You will have seen the multiple posts and communications around the Hafnium Exchange security issue. One of the most disconcerting issues has been the number of Exchange installs that have not been patched in several years. Once the storm has abated, I’ll put down some thoughts and talk through some of the most problematic issues, but for now let’s focus on the task in hand. Security updates are released only Exchange builds that are available for servicing, and typically this is N and N-1. Though an exception was made for this security issue. Please note this does not fundamentally change what unsupported customers need to do, it is only short term relief.
Since many Exchange servers have not been kept at the current Cumulative Update (CU), this means that many customers have had to install a CU in order to be in a position to then install the Security Update (SU). An additional complication is that the .NET Framework also requires an update. In many cases this has resulted in three major tasks per server rather than one, which would have been the SU installation.
Exchange 2013 has a couple of nuances that are not present with Exchange 2016 or 2019.
- Firstly only CU23 is supported at this time.
- Secondly .NET Framework 4.7.2 and 4.8 are supported, though 4.8 is recommended.
Some of the initial publications stated that in order to install Exchange 2010 SP3 RU32 you must already be on RU31. That is not correct.
A similar item was posted on Exchange 2013 CU23 where .NET 4.8 was required. This is not the case. It is recommended, and you will also see this in the HealthCheck script output at the end of this post.
In the below lab server, note that Exchange 2013 CU23 is installed along with .NET Framework 4.7.2 0 this post includes the registry key to check the .NET version.
The value returned with the query is 461814 which indicates that this is .NET Framework 4.7.2 on Windows Server 2012 R2.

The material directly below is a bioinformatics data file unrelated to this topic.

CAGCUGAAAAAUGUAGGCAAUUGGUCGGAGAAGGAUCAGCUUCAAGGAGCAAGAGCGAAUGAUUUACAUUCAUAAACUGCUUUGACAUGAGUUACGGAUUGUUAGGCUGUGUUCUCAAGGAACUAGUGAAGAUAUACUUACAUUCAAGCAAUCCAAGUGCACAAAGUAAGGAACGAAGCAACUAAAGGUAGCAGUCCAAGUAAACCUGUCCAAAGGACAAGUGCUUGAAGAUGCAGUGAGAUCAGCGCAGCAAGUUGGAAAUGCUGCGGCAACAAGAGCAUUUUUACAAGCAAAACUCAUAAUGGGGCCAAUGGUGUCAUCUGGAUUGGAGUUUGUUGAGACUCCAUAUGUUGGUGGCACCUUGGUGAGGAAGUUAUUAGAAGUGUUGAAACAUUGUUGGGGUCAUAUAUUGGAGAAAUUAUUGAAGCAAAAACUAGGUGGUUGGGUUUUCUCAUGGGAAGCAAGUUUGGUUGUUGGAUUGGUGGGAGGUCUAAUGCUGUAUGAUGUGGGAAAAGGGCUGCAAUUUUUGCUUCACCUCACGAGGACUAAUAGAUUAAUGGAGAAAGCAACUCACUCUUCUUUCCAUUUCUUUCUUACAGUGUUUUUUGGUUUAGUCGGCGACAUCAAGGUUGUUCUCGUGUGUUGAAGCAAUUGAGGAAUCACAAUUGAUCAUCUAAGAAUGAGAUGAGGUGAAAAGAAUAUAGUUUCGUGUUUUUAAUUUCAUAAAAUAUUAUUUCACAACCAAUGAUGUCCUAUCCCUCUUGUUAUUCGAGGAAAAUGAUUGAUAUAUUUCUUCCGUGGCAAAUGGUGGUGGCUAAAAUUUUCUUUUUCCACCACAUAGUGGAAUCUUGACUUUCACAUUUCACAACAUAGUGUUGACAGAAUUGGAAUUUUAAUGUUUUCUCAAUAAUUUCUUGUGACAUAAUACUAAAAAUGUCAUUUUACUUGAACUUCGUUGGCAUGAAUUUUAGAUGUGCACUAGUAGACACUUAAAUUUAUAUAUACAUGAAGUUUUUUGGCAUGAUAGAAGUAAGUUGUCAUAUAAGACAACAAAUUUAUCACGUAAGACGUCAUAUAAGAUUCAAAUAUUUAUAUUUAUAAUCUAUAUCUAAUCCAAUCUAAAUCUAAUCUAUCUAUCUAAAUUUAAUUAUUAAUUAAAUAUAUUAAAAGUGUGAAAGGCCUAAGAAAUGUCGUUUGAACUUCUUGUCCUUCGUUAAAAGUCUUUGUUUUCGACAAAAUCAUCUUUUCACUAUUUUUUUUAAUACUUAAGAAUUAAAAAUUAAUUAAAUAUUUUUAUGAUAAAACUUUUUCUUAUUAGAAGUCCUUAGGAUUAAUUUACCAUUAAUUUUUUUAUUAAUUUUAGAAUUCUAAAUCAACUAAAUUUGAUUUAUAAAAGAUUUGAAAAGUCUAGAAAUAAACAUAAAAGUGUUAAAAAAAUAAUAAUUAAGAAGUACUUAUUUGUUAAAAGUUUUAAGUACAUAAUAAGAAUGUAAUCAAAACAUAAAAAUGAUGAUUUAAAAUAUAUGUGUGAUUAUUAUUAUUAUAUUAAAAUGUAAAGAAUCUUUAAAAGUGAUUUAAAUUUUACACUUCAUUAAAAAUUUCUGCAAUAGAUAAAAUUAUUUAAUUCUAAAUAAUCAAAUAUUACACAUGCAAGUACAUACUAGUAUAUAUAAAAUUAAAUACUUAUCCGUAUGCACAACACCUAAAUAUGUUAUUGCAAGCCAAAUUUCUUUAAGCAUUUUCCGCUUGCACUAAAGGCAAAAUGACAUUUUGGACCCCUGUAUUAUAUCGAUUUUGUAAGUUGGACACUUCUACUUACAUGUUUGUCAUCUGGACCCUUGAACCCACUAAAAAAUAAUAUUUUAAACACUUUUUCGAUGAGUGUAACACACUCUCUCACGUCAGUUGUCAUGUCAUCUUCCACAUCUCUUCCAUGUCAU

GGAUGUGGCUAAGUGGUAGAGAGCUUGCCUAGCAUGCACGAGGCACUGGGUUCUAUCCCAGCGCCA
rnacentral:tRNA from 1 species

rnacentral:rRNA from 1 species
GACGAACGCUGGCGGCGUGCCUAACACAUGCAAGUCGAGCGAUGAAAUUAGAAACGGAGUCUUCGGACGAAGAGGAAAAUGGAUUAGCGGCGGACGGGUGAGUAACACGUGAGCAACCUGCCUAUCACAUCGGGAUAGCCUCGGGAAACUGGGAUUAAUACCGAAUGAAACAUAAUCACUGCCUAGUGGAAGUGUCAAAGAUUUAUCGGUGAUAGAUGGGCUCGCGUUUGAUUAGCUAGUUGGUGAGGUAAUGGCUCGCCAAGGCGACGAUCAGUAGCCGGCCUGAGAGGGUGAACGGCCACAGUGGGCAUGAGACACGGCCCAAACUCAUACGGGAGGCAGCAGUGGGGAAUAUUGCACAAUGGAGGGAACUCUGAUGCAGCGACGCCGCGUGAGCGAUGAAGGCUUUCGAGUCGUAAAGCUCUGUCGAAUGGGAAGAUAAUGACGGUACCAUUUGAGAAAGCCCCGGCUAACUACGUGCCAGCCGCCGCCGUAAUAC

Installing March 2021 Security Update
The March 2021 SU must be install installed, it is currently missing. Please note that this is done from an elevated CMD prompt. This is probably the biggest issue that I’ve seen with the recent updates causing issues.
I will *ALWAYS* tell you to use an elevated CMD prompt rather than PowerShell as it helps prevent issue #6 here in the future.
The install process starts, and goes through the normal steps to verify that the SU is actually applicable to this installation of Exchange.
Once the checks have completed, then we can complete the installation.
The below indicates that the install has completed successfully. It is important to read what is written to ensure that you do not skip over a potential error.
That has happened unfortunately.
The server was restarted, and post-installation tasks completed.
Running Validation Script
Since there have already been multiple scripts released to help look for Indicators of Compromise (IOC), and since they will likely change again, I will not link to a specific script.
Please check the HAFNIUM targeting Exchange Servers with 0-day exploits post for the latest validation scripts, processes and tools.
The below is the Test-ProxyLogon.ps1 as of 8th March 2021.
HealthChecker.ps1 is shown below, note that no security issues are noted.
The Exchange server auth certificate has expired as this is an old on-premises lab.